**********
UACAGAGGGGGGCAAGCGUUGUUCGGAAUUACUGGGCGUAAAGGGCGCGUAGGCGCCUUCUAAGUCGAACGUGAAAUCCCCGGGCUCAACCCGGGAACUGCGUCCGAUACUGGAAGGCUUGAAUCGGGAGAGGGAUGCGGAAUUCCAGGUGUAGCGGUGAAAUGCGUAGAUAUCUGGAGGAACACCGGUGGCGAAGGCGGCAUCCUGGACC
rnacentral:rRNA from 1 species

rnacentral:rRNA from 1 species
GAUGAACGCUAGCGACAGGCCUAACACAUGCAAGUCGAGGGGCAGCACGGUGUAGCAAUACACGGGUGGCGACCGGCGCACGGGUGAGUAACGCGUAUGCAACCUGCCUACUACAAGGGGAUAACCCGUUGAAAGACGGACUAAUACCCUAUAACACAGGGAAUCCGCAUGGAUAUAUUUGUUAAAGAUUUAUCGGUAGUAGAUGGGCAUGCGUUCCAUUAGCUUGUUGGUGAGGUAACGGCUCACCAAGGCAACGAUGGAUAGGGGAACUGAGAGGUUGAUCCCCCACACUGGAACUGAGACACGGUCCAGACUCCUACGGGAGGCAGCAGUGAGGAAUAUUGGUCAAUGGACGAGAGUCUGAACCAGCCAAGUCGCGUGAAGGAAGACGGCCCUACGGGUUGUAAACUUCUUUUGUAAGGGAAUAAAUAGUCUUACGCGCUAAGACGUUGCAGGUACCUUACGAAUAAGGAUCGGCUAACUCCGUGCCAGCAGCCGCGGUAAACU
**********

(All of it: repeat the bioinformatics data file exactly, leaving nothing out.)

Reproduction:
UACAGAGGGGGGCAAGCGUUGUUCGGAAUUACUGGGCGUAAAGGGCGCGUAGGCGCCUUCUAAGUCGAACGUGAAAUCCCCGGGCUCAACCCGGGAACUGCGUCCGAUACUGGAAGGCUUGAAUCGGGAGAGGGAUGCGGAAUUCCAGGUGUAGCGGUGAAAUGCGUAGAUAUCUGGAGGAACACCGGUGGCGAAGGCGGCAUCCUGGACC
rnacentral:rRNA from 1 species

rnacentral:rRNA from 1 species
GAUGAACGCUAGCGACAGGCCUAACACAUGCAAGUCGAGGGGCAGCACGGUGUAGCAAUACACGGGUGGCGACCGGCGCACGGGUGAGUAACGCGUAUGCAACCUGCCUACUACAAGGGGAUAACCCGUUGAAAGACGGACUAAUACCCUAUAACACAGGGAAUCCGCAUGGAUAUAUUUGUUAAAGAUUUAUCGGUAGUAGAUGGGCAUGCGUUCCAUUAGCUUGUUGGUGAGGUAACGGCUCACCAAGGCAACGAUGGAUAGGGGAACUGAGAGGUUGAUCCCCCACACUGGAACUGAGACACGGUCCAGACUCCUACGGGAGGCAGCAGUGAGGAAUAUUGGUCAAUGGACGAGAGUCUGAACCAGCCAAGUCGCGUGAAGGAAGACGGCCCUACGGGUUGUAAACUUCUUUUGUAAGGGAAUAAAUAGUCUUACGCGCUAAGACGUUGCAGGUACCUUACGAAUAAGGAUCGGCUAACUCCGUGCCAGCAGCCGCGGUAAACU